Business counting down to Obama’s exit

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The business community is counting the days until President Obama leaves office.

With Republicans in control of the House and Senate next year, industry groups believe they’ll have more support for issues topping their agendas.

{mosads}But the often-chilly relationship with the Obama White House has not warmed in the administration’s waning years. Businesses say they remain concerned about what regulations the administration might impose within the next two years and the limits on what a GOP-controlled Congress can do to stop them.

“I think we’re extremely concerned with the president’s executive power,” International Franchise Association spokesman Matthew Haller said, later adding: “2017 seems like a long way off.”

The IFA has been pressing the administration to change the designation of a full-time employee under ObamaCare from someone who works a 30-hour workweek to someone who works 40 hours a week, and to link the designation of large employers to a number higher than 50 full-time employees.

But bipartisan support for the proposals might not be enough. The president has already threatened to veto the Save American Workers Act that would change the workweek, which was passed by the House in April.

Other battles are waging on environmental regulations, tax reform and additional provisions of the Affordable Care Act.

The president has made no bones about using executive authority to pursue his policy goals in lieu of congressional action.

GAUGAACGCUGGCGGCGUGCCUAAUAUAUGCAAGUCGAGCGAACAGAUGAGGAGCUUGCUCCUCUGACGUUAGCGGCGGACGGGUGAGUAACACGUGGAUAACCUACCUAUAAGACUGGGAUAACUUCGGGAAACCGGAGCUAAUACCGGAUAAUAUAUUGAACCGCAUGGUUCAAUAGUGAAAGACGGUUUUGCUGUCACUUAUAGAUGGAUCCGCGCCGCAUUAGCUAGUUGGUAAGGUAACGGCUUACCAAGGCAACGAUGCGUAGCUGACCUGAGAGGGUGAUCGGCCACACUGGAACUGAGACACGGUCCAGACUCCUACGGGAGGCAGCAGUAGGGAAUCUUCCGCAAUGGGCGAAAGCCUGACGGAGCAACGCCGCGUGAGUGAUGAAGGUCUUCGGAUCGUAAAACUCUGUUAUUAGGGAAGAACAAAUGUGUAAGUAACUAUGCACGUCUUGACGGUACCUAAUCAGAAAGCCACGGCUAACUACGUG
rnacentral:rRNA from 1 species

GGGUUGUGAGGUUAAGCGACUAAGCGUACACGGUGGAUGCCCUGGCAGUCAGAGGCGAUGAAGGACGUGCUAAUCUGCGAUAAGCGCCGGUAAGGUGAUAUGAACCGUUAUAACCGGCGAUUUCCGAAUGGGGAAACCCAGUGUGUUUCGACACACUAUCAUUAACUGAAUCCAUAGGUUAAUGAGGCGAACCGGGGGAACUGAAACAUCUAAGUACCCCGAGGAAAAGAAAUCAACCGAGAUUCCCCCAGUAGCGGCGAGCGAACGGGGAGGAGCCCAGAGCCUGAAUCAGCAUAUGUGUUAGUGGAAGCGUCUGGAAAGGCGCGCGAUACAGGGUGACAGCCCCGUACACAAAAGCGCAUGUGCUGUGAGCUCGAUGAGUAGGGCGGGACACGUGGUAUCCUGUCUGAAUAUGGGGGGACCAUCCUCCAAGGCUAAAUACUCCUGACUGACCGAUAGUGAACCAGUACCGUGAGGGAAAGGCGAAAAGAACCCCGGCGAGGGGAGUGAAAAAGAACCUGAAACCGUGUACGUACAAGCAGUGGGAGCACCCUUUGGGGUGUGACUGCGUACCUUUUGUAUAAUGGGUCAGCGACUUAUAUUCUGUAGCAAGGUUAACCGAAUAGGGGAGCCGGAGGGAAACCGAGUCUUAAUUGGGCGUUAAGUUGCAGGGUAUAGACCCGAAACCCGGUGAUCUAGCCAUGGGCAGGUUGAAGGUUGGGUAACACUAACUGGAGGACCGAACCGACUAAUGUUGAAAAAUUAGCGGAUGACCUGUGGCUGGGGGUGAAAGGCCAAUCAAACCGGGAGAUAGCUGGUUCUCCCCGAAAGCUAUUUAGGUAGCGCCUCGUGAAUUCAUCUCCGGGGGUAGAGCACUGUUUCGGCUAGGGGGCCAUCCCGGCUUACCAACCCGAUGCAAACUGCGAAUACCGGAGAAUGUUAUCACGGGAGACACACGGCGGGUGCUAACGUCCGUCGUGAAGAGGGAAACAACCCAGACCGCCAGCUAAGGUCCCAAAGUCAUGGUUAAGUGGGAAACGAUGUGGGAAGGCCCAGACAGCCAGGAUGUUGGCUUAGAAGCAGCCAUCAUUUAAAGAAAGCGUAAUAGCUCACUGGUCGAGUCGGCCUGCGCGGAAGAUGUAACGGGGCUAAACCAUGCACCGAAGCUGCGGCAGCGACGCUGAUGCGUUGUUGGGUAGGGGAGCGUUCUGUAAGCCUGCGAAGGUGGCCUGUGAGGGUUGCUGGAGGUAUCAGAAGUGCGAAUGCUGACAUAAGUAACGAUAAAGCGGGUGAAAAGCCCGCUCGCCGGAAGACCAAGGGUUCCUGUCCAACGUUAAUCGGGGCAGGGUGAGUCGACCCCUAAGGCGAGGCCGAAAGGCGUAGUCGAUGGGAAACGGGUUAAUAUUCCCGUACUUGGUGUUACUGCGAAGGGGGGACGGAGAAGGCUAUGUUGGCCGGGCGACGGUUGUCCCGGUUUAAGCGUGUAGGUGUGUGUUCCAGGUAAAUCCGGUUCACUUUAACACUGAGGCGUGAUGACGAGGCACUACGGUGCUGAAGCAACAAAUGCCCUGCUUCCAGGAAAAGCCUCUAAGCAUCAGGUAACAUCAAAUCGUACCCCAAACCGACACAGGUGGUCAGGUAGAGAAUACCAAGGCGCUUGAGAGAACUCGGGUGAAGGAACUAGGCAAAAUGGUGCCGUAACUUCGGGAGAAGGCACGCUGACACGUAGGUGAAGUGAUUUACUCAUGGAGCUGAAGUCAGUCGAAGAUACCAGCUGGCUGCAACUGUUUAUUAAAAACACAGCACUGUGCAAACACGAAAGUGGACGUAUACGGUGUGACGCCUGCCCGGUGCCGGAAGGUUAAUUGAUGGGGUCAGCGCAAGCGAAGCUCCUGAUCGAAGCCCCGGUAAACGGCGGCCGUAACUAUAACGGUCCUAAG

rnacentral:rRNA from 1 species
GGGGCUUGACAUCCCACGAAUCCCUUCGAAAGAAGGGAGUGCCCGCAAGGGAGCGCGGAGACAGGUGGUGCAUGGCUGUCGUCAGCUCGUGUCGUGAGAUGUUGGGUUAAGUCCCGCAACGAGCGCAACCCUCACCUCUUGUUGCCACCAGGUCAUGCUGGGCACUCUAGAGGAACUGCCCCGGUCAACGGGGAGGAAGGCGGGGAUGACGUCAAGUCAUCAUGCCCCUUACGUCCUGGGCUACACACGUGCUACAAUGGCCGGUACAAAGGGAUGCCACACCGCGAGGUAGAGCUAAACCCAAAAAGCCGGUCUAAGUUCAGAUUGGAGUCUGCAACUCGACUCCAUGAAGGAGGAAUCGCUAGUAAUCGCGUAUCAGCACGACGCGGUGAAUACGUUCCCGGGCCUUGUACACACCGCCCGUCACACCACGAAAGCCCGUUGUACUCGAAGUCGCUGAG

“If you just look at what he’s done with immigration … it seems to be the maneuvering of this White House to do things Congress isn’t interested in doing and the American people aren’t interested in supporting,” Haller said.

Obama has repeatedly touted his policies as helping business, from efforts to support the manufacturing sector to pay equality measures that he contends will strengthen the U.S. workforce.

On Wednesday, he sought to reassure corporate leaders that he is looking out for their interests.

Speaking to the Business Roundtable, Obama called for finding ways to “accelerate, rather than impede” economic growth, but blamed the inability to solve infrastructure and tax issues on “politics and ideological gridlock.”

Businesses, however, say the executive branch deserves much of the blame.

“Our members feel, when it comes to the administration, that they have been talked at and not listened to,” said Dan Danner, president and CEO of the National Federation of Independent Business (NFIB).

Most recently with the EPA’s Waters of the U.S. rule, designed to keep pollution out of the nation’s waterways, the NFIB said the agency failed to consult small businesses in the rule-making process, a requirement of the Small Business Regulatory Review Act.

The nation’s biggest business lobby group fired its latest salvo against the administration’s regulation this week, announcing a new push for legislation meant to tamp down on agency rule-making authority.